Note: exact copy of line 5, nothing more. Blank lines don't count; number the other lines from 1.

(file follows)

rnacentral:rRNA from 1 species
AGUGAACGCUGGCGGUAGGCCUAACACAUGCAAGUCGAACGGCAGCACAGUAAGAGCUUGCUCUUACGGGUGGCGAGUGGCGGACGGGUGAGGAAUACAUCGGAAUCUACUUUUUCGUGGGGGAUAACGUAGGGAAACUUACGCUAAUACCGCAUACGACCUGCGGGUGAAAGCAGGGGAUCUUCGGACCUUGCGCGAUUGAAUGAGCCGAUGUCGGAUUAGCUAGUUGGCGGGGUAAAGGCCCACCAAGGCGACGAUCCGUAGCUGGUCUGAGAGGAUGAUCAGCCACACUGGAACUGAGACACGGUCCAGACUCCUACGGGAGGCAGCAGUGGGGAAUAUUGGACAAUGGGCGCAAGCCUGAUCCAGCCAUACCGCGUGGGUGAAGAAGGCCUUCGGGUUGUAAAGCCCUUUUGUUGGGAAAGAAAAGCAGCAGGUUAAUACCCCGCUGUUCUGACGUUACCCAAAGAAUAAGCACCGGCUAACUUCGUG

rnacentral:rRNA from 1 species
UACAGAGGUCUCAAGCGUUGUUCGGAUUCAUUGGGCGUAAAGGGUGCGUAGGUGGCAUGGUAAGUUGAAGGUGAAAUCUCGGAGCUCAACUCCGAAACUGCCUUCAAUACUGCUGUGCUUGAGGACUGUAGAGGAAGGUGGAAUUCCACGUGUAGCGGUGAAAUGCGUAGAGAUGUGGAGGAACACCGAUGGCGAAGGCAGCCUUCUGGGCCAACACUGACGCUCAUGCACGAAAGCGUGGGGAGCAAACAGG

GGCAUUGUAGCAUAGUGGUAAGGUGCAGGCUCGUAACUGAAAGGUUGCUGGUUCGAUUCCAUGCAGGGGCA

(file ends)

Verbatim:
GGCAUUGUAGCAUAGUGGUAAGGUGCAGGCUCGUAACUGAAAGGUUGCUGGUUCGAUUCCAUGCAGGGGCA